India’s massive population growth is one of the main factors contributing toward the increasing need for renewable energy solutions. A growing populous means greater energy consumption across the board, so forecasting the approximate size and type of population growth is critical to creating energy policies that can handle the burgeoning population. As such, the indicators of population change to monitor and extrapolate are the projected population size and growth rate, along with fertility and mortality rates. Other considerations include the growth of the middle class and the overall urbanization of the flourishing population.

In recent years, an economic slowdown that began in the United States developed into one with worldwide consequences, including a slowdown in growth in India. Given the highly intertwined nature of energy usage and economic growth, it is important to be mindful of the rate


of economic growth or contractions in India. In a sense, the economy serves as a leash to energy spending, thus the economy, with a lack of growth, serves as a constraint to energy development.

Cognizant of the potential costs associated with pursuing carbon footprint reduction, the Indian government has created institutional incentives for the private sector transition towards utilizing renewable energy. Through the Indian Renewable Energy Development Agency (IREDA), an arm of the nation’s Ministry of New and Renewable Energy, carbon generationbased incentives (GBIs), subsidies, subsidized credits, and reduced import duties are given to the nation’s domestic and international private sectors to encourage absorption of transitional costs. Such institutional support is crucial, as total government expenditures account for 17.5% of the nation’s real GDP (CIA). In 2010, India’s government released the Indian Renewable Energy Status Report (IRESR), which, at the time, was seen as the most comprehensive and thorough carbon footprint reduction plan in the world (Arora et al. xiii). This government-created report serves as the prime source for historical data on where the Indian government has been, where they are now, and where they plan to be in the next 20 years.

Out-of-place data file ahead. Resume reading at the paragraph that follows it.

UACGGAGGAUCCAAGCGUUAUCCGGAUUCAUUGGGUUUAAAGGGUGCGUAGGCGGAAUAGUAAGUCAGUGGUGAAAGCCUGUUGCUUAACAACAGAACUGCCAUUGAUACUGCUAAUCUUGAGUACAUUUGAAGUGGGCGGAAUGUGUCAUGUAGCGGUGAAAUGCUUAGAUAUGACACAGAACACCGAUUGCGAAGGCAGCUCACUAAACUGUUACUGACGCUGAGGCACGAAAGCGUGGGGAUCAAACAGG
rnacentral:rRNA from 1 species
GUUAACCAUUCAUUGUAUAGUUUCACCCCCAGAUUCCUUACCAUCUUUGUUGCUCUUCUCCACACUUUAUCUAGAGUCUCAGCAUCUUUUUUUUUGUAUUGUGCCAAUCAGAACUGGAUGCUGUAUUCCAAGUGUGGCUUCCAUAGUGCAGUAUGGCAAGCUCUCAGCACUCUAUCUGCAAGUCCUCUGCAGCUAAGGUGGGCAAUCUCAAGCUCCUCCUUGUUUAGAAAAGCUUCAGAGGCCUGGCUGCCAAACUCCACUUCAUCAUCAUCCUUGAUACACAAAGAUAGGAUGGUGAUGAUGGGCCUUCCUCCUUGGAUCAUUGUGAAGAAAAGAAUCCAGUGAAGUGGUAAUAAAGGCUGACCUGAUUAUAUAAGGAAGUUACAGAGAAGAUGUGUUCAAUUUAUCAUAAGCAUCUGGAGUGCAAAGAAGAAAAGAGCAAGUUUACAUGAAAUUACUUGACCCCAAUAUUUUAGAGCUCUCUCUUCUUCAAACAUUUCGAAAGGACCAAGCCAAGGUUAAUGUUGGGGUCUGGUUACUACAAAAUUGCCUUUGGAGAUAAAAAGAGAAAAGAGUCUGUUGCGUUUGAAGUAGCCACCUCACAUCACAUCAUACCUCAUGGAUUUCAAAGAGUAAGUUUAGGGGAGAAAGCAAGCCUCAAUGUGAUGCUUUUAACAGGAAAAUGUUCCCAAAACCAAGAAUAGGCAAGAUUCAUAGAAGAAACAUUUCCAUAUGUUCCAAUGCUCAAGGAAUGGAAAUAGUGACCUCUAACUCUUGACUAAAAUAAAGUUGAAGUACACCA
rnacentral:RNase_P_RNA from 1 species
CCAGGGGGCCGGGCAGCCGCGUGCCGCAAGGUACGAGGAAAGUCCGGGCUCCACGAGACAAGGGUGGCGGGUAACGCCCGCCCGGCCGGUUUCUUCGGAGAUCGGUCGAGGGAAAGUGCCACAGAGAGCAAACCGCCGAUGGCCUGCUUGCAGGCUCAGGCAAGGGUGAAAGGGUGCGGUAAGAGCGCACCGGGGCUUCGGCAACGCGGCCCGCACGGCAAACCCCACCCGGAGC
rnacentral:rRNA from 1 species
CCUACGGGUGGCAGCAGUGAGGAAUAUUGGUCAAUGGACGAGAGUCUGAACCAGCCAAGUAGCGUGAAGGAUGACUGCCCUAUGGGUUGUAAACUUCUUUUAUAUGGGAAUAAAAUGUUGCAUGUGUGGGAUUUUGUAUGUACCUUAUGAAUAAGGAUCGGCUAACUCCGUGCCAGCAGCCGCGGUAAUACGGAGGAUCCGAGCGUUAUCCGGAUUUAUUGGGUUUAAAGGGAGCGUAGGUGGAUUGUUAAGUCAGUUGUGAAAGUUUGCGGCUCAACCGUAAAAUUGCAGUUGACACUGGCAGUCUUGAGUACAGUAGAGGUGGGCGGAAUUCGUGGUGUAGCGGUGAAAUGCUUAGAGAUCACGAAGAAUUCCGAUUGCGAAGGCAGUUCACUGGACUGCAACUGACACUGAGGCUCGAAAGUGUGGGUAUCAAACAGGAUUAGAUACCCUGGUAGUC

One of the biggest social issues of the last four decades has been the state of the environment. With concerns over emissions, greenhouse gases, and energy sources, countries all over the world have taken steps to reduce their carbon footprint and develop clean energy initiatives. From the United States Environmental Protection Agency to the United Nations Environment Programme to the Kyoto Protocol, there have been many significant programs put into place that have helped to combat environmental issues.


This international commitment to improving the environment will serve as a driver of change in India, but not just because they will feel pressure from their citizens and the rest of the world. India will have to continually improve to keep up with stricter regulations, which will be made easier due to benefits granted by organizations like the UN to countries that improve their environmental standards.

The future success of renewable energy in India is reliant on the country’s infrastructure, especially its sources of energy and electrical grids. India is currently facing the daunting challenge of building up its energy infrastructure fast enough to respond to radical growth in its economy and population. However, India’s current infrastructure is massively inconsistent and struggling to meet the current energy demands of its citizens. Indicators of the impact that India’s infrastructure will have on the future of renewable energy include electrical losses, energy supply and demand, energy efficiency, and off-grid energy solutions. Figure 2 shows India’s annual energy generation, which has been rising at increasingly greater rates since 2001. In fact, the rise in electricity generation from 2011 to 2012 was an 8.1% increase, the largest rate of growth in the past decade, and is likely to continue to increase.